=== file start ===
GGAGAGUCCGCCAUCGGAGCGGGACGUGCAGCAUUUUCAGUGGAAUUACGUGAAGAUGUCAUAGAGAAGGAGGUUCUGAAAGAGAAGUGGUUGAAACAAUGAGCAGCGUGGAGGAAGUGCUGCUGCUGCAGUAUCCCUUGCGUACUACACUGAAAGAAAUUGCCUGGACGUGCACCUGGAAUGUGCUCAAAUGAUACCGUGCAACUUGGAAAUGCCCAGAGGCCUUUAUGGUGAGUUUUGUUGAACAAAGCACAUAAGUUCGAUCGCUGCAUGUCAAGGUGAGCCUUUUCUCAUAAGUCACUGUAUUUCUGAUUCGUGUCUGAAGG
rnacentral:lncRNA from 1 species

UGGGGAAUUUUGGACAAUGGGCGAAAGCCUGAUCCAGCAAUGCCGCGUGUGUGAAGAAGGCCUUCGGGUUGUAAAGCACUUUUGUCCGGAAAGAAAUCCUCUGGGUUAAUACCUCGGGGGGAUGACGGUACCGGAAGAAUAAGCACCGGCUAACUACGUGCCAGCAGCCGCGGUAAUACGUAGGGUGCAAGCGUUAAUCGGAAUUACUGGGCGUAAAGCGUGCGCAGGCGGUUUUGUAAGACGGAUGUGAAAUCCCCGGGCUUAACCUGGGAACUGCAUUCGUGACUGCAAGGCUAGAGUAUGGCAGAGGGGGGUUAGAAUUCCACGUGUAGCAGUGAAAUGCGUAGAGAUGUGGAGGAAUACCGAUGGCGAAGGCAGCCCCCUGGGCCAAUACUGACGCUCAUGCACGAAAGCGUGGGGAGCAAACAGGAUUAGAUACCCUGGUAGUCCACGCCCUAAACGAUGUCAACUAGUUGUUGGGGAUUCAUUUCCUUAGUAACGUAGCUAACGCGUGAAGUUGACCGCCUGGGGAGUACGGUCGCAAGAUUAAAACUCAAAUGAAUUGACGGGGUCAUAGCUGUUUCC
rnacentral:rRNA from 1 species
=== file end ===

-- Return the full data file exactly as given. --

GGAGAGUCCGCCAUCGGAGCGGGACGUGCAGCAUUUUCAGUGGAAUUACGUGAAGAUGUCAUAGAGAAGGAGGUUCUGAAAGAGAAGUGGUUGAAACAAUGAGCAGCGUGGAGGAAGUGCUGCUGCUGCAGUAUCCCUUGCGUACUACACUGAAAGAAAUUGCCUGGACGUGCACCUGGAAUGUGCUCAAAUGAUACCGUGCAACUUGGAAAUGCCCAGAGGCCUUUAUGGUGAGUUUUGUUGAACAAAGCACAUAAGUUCGAUCGCUGCAUGUCAAGGUGAGCCUUUUCUCAUAAGUCACUGUAUUUCUGAUUCGUGUCUGAAGG
rnacentral:lncRNA from 1 species

UGGGGAAUUUUGGACAAUGGGCGAAAGCCUGAUCCAGCAAUGCCGCGUGUGUGAAGAAGGCCUUCGGGUUGUAAAGCACUUUUGUCCGGAAAGAAAUCCUCUGGGUUAAUACCUCGGGGGGAUGACGGUACCGGAAGAAUAAGCACCGGCUAACUACGUGCCAGCAGCCGCGGUAAUACGUAGGGUGCAAGCGUUAAUCGGAAUUACUGGGCGUAAAGCGUGCGCAGGCGGUUUUGUAAGACGGAUGUGAAAUCCCCGGGCUUAACCUGGGAACUGCAUUCGUGACUGCAAGGCUAGAGUAUGGCAGAGGGGGGUUAGAAUUCCACGUGUAGCAGUGAAAUGCGUAGAGAUGUGGAGGAAUACCGAUGGCGAAGGCAGCCCCCUGGGCCAAUACUGACGCUCAUGCACGAAAGCGUGGGGAGCAAACAGGAUUAGAUACCCUGGUAGUCCACGCCCUAAACGAUGUCAACUAGUUGUUGGGGAUUCAUUUCCUUAGUAACGUAGCUAACGCGUGAAGUUGACCGCCUGGGGAGUACGGUCGCAAGAUUAAAACUCAAAUGAAUUGACGGGGUCAUAGCUGUUUCC
rnacentral:rRNA from 1 species